When construction was complete and reservoir waters rose in January 1983, forced removal of the population had been accomplished by military and civil patrols at gunpoint and with massacre. In one village alone – Río Negro– 444 of the 791 inhabitants had been killed. At this point in time, January 1983, compensation and resettlement agreements with the affected population had yet to be finalized, resettlement villages had yet to be completed, and fair and just compensation for various losses – including acquisition of new land – had yet to be determined. And by this date ten communities in the Chixoy River Basin had been destroyed by massacre: Río Negro, Los Encuentros, La Laguna, Agua Fría, Comalmapa, Jocotales, Chitucan, Los Mangales, Pacaal, and Hacienda Chitucan.
More than a decade later, exhumation and investigation of the Río Negro massacre produced a finding by the Guatemalan Truth Commission (Comisión para el Esclarecimiento Histórico – CEH) that this state–sponsored violence constituted genocide, and that the massacres in Río Negro illustrate how "many resistant attitudes to administrative decisions, even though they were peaceful, as occurred in the relation to the construction of the hydroelectric dam, were a priori conceived to be instigated by the guerilla and were resolved through violent repression" (CEH 1999:Volume 1, Annex 1, Chapter VI: Exemplary Case No. 10).
Over the past twenty years, investigations have taken place and various parties have attempted to provide modest remedy to the dam–affected communities who continue to suffer from loss of lands, livelihood, and life. In those cases where compensatory measures were provided – cash, property, or social and economic development – compensation did not reflect full and fair value of lost or damaged resources. In a number of cases compensation was "paid" on paper, but never received by the household or community. No realistic (that is, acceptable to the affected people) effort was made to restore the livelihoods of affected people in violation of the Inter–American Development Bank and World Bank legal agreements. While project sponsors identified compensation and resettlement program failures several times over the years, no consistent effort was made to ensure program success, monitor remedial measures, and confirm that promises were actually delivered.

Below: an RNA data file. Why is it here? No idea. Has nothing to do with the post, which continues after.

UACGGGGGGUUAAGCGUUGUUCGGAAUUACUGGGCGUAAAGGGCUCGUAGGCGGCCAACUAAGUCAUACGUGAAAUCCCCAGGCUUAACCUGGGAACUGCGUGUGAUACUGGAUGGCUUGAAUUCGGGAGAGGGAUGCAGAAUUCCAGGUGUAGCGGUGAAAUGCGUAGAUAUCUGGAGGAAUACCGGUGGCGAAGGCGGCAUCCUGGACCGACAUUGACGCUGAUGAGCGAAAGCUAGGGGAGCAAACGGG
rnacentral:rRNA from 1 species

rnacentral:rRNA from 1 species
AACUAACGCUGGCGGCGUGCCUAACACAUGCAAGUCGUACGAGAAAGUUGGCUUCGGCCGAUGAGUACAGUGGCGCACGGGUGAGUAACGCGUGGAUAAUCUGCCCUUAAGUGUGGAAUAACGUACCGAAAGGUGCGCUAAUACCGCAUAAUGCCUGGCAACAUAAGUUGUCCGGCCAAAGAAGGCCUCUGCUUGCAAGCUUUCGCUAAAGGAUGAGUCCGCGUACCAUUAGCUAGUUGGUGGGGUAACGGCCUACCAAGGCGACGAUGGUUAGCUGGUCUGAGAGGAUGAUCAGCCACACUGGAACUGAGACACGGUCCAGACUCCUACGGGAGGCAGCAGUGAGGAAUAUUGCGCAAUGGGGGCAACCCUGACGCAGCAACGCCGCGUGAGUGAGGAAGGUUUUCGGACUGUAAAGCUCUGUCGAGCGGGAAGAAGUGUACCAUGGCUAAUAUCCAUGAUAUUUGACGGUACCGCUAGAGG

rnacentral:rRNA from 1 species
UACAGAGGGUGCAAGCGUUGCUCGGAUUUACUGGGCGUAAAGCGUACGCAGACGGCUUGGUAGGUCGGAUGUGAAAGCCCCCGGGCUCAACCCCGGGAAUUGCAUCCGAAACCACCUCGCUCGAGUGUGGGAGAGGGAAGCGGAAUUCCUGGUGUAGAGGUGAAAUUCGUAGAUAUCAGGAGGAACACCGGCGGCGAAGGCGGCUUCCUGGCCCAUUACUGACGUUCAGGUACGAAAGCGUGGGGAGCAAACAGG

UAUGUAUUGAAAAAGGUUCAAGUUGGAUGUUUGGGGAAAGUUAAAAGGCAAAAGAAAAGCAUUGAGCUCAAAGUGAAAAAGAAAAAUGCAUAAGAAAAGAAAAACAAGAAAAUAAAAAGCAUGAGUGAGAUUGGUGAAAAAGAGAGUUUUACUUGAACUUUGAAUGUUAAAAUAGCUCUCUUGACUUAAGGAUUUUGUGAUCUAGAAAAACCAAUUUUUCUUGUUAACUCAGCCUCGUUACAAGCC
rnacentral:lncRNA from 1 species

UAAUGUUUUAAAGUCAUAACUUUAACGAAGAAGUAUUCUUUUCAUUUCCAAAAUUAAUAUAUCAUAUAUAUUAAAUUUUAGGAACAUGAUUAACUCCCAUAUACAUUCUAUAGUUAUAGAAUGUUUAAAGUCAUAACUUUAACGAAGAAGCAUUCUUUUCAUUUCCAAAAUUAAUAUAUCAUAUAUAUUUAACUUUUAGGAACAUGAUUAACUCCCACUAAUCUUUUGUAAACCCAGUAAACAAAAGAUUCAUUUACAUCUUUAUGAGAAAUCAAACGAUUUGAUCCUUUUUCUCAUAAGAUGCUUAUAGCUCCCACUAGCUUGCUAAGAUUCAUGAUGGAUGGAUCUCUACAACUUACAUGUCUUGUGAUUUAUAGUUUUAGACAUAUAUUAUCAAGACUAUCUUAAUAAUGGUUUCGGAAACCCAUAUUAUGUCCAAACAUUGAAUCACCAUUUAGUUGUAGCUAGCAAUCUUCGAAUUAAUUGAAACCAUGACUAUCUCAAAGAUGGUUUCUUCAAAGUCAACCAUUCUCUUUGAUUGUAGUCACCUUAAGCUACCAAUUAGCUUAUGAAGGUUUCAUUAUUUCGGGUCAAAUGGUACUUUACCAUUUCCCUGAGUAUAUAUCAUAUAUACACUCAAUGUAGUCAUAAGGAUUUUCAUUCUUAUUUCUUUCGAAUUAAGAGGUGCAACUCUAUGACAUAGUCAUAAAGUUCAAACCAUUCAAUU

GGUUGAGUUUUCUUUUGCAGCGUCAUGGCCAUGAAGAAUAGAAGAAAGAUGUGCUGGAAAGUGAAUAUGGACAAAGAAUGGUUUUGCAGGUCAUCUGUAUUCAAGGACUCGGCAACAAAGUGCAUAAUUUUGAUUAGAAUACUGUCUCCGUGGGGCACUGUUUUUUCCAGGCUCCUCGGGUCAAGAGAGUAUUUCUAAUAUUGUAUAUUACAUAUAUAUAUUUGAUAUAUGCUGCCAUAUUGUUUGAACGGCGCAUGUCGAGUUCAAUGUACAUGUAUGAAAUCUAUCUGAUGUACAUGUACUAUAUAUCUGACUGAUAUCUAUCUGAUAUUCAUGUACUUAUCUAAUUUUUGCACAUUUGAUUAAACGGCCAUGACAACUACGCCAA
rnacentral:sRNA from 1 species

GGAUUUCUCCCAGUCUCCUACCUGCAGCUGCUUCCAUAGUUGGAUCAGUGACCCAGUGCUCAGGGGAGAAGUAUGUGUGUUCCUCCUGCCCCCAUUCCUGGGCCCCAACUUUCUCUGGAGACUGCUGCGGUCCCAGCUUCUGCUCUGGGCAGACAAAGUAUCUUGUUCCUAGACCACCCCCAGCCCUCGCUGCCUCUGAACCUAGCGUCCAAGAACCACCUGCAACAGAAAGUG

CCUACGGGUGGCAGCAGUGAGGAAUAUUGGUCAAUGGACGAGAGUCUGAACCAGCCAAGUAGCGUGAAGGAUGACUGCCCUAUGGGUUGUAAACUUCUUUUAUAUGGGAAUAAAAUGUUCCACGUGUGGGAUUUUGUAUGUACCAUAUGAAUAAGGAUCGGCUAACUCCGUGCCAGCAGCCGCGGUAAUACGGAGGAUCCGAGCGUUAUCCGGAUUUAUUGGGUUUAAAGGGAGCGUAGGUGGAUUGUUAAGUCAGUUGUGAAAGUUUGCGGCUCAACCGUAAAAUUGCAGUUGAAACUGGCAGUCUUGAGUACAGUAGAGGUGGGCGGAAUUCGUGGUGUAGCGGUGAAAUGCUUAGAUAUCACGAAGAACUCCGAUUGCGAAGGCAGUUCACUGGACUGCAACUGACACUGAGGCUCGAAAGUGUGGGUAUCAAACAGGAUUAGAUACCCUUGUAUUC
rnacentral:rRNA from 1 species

The project developer, Instituto Nacional de Electrificación (INDE), has taken the position that their obligations to the dam–affected communities have been met. They further point out that since privatization in 1998, they no longer have the institutional mechanism, financial ability, or legal responsibility to respond to dam–affected community complaints.
Staff of the World Bank, acknowledging that project planning and implementation was hindered by significant failures in the resettlement program, conducted a social program evaluation in 1996 and announced that, in their view, World Bank obligations had been met. They also acknowledged that serious problems remain with regard to INDE failures to complete compensation and resettlement obligations stipulated in a 1985 loan agreement. And, from 1996, World Bank staff provided periodic assistance in facilitating the acquisition of replacement land, prodding agencies to legalize title, and providing technical assistance to support small economic development initiatives.
Representatives of the dam–affected communities in testimony to the World Commission on Dams (Brazil, 1999), the Rivers for Life Meeting of Dam–Affected Peoples (Thailand, November 2003), and in numerous petitions to the Guatemalan Government, financiers, and the international community have testified that they do not have resettlement and compensation documents establishing their rights and entitlements, nor have they been able to access the documentation used by project financiers and developers to support contentions that resettlement obligations have been met.